Randy Ford, Seattle-born, is a dancer, choreographer, actor, and activist. He/She/They have been featured in Next Fest NW, CD Forum’s Showing Out: Contemporary Black Choreographers, Bumbershoot Festival, Birthday Girl Series #5, and Legendary Children at Seattle Art Museum. He was cast as Lady in Jerome A. Parker’s House of Dinah at On the Boards and is a SeattleDances 2016 DanceCrush Award recipient. She has worked with artists such as Dani Tirrell, Markeith Wiley, C Davida Ingram, and Paige Barnes. You can also catch them in Kitten N’ Lou’s CAMPTACULAR at the Triple Door this summer. Randy continues to perform and teach throughout Seattle at Vashon Dance Academy and West Seattle Performing Arts. They are also a teaching artist with YMCA Powerful Schools.
Angel Alviar-Langley (aka ‘Moonyeka) is a queer Filipina-American street dancer who uses art creation and organizing to realize a more inclusive and intersectional world for the communities from which she comes. Her current projects include “WHAT’S POPPIN’ LADIEZ?!” an ethnographic research project and community event series focused on the female popping experience. As a street dancer, Moonyeka participates in local and national dance battle competitions and exhibitions with her crew, Shadow Shifters. When not battling, she is a teaching artist for Arts Corps + Spectrum Dance Theater, helps runs an open dance session (VIBE) for immigrant youth at Yesler Terrace, and coaches REMIX – a young brown girl competition team directed by B-Rocka Henry. Moonyeka is the 2017 Tina La Padula Fellowship recipient, Ubunye Project 2017 contributor, Mary Gates Leadership awardee and George Newsome Humanitarian scholar.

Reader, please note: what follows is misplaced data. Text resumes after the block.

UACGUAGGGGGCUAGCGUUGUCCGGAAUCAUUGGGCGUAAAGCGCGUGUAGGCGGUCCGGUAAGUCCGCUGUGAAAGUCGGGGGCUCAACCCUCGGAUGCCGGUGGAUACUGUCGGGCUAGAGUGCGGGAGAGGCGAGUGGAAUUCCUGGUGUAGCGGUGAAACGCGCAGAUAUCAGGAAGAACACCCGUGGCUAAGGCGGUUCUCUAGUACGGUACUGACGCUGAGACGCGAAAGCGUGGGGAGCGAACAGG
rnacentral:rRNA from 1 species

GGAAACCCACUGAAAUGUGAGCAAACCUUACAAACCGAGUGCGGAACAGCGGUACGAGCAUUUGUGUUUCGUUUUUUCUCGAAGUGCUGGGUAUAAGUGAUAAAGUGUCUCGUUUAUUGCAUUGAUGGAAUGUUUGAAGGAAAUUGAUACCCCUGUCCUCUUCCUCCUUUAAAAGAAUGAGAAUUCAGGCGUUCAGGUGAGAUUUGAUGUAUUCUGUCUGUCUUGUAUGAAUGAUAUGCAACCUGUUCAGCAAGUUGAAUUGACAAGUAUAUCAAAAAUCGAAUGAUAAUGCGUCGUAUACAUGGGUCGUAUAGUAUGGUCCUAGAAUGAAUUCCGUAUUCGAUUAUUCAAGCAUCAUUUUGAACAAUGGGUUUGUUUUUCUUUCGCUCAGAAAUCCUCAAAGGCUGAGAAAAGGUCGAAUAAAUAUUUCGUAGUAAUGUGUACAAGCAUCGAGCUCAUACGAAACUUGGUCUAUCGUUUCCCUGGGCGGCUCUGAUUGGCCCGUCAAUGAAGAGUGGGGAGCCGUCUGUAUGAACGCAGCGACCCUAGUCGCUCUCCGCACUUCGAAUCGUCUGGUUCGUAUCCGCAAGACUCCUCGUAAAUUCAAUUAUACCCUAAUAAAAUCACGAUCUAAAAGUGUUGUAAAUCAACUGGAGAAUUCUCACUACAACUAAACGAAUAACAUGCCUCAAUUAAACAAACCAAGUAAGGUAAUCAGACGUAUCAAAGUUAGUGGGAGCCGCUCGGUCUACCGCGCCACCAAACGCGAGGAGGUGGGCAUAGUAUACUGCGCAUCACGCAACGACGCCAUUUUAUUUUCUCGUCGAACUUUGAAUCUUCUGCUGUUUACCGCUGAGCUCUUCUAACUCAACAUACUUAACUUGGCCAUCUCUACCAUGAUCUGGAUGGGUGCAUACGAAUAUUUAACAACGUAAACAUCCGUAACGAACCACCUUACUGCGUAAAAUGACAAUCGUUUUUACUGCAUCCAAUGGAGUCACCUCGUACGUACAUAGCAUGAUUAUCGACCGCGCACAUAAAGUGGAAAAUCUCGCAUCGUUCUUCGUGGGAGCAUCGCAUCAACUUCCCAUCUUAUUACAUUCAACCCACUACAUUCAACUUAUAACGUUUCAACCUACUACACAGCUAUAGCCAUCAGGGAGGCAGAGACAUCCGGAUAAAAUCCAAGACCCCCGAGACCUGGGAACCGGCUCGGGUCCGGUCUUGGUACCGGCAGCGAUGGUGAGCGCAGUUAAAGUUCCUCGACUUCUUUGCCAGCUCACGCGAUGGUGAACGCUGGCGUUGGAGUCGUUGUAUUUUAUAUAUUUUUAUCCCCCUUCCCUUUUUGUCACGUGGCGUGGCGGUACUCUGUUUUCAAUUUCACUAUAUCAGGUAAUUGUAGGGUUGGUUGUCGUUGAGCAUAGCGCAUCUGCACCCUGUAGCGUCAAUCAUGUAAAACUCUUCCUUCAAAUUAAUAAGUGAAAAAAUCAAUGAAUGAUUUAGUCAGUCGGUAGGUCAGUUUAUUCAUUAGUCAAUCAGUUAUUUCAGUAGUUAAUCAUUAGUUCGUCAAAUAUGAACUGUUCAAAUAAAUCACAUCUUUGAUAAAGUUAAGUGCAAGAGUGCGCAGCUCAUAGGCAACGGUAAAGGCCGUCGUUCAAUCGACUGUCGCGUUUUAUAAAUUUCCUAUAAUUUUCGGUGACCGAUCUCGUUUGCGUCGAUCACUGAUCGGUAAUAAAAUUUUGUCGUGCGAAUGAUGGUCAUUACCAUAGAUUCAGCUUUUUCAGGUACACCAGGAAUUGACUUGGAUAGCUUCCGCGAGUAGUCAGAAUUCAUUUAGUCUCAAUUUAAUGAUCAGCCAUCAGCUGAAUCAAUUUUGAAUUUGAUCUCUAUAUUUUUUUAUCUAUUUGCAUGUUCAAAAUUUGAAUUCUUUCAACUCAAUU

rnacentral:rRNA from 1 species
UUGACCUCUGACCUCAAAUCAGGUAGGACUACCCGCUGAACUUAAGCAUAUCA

Jordan Rohrs Is a local dancer, classical musician, and technology consultant in the Seattle area. He graduated from the University of Washington with a BA in Business Administration - Information Systems, with minors in Music and Dance. He has had the wonderful opportunity of working with several individuals within the Seattle community that have cultivated his passion for dance, including Natalie Desch, Wilson Mendieta, Jason Ohlberg, and Karen O'Branovich. Rohrs has been involved with classical music ensembles for over 15 years, highlighted by his position as a section leader of the UW Husky Marching Band and scholarship recipient of the ensembles' Alumni Association. Collecting experiences from various business capacities, including national service organizations, local startups, and delivering projects as a consultant, Rohrs is humbled to be a part of AU to help guide in the ultimate goal of realizing the collective's vision.